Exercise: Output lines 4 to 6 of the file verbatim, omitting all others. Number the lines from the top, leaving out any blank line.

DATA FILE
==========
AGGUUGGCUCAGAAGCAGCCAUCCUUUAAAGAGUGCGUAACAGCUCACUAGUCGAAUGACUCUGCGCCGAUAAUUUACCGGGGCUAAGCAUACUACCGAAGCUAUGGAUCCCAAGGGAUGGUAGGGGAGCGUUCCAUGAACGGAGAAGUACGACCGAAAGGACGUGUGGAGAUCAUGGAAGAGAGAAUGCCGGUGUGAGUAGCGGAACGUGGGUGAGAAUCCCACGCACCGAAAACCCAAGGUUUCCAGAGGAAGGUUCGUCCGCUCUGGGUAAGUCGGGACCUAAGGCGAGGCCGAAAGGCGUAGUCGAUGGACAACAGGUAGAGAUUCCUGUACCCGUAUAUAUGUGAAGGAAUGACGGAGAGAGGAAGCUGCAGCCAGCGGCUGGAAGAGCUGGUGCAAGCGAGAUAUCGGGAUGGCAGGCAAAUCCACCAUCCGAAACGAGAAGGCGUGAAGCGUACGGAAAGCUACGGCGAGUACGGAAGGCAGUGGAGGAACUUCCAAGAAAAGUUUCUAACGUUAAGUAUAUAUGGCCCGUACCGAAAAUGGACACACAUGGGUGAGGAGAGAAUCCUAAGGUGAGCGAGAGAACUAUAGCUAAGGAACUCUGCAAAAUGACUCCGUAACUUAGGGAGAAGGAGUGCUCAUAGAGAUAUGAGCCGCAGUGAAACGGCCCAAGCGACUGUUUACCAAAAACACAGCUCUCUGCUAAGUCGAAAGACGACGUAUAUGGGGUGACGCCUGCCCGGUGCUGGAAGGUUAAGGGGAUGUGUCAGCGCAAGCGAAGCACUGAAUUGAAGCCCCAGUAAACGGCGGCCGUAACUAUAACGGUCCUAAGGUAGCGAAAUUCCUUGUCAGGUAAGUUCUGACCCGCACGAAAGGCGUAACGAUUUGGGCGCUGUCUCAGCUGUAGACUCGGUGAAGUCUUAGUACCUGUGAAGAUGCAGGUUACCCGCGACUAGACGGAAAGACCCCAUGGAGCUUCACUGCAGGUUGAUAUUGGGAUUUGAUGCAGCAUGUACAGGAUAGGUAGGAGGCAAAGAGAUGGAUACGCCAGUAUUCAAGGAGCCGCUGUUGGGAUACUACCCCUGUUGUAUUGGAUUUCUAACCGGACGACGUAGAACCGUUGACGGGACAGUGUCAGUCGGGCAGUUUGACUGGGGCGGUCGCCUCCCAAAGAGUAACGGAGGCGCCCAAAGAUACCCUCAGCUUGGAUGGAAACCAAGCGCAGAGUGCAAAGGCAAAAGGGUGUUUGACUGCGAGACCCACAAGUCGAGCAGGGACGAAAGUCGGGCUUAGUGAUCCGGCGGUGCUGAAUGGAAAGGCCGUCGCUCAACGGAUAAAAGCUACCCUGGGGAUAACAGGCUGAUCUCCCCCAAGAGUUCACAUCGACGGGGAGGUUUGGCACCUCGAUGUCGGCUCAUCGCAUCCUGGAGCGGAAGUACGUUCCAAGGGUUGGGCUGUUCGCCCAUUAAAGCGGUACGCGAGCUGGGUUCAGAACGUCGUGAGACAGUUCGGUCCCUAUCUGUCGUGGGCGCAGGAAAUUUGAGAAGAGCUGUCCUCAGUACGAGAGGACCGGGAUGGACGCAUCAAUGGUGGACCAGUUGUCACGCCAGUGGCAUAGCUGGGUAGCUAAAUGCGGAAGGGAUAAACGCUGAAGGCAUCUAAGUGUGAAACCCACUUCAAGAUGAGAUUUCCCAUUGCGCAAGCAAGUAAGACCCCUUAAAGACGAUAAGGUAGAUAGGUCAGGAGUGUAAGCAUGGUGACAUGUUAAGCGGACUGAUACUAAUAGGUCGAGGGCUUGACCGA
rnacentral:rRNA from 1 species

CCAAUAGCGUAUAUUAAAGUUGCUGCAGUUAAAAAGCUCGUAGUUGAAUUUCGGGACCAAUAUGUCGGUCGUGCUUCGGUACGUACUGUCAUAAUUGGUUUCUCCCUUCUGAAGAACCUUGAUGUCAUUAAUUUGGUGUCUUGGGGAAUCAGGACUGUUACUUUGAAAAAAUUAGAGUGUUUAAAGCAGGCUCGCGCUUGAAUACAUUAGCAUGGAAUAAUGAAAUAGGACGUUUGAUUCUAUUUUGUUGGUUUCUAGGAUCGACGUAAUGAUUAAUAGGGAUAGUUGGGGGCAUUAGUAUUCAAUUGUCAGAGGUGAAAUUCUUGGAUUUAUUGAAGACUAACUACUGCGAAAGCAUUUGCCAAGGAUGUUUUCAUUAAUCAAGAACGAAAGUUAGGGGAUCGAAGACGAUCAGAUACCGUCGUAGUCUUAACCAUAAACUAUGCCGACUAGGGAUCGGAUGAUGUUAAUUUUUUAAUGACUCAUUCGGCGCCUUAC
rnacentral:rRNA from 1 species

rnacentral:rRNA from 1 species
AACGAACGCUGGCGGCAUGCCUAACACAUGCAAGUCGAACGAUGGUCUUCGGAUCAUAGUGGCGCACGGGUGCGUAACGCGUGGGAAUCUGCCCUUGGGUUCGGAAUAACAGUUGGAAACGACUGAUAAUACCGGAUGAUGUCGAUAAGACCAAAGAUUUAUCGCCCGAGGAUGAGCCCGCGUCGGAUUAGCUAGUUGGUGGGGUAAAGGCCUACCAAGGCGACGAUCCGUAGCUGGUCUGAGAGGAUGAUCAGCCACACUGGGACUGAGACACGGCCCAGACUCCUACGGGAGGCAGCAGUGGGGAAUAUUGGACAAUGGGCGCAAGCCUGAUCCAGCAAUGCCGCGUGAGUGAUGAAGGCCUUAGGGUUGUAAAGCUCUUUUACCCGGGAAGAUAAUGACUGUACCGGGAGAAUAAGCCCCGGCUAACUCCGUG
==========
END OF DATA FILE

rnacentral:rRNA from 1 species

rnacentral:rRNA from 1 species
AACGAACGCUGGCGGCAUGCCUAACACAUGCAAGUCGAACGAUGGUCUUCGGAUCAUAGUGGCGCACGGGUGCGUAACGCGUGGGAAUCUGCCCUUGGGUUCGGAAUAACAGUUGGAAACGACUGAUAAUACCGGAUGAUGUCGAUAAGACCAAAGAUUUAUCGCCCGAGGAUGAGCCCGCGUCGGAUUAGCUAGUUGGUGGGGUAAAGGCCUACCAAGGCGACGAUCCGUAGCUGGUCUGAGAGGAUGAUCAGCCACACUGGGACUGAGACACGGCCCAGACUCCUACGGGAGGCAGCAGUGGGGAAUAUUGGACAAUGGGCGCAAGCCUGAUCCAGCAAUGCCGCGUGAGUGAUGAAGGCCUUAGGGUUGUAAAGCUCUUUUACCCGGGAAGAUAAUGACUGUACCGGGAGAAUAAGCCCCGGCUAACUCCGUG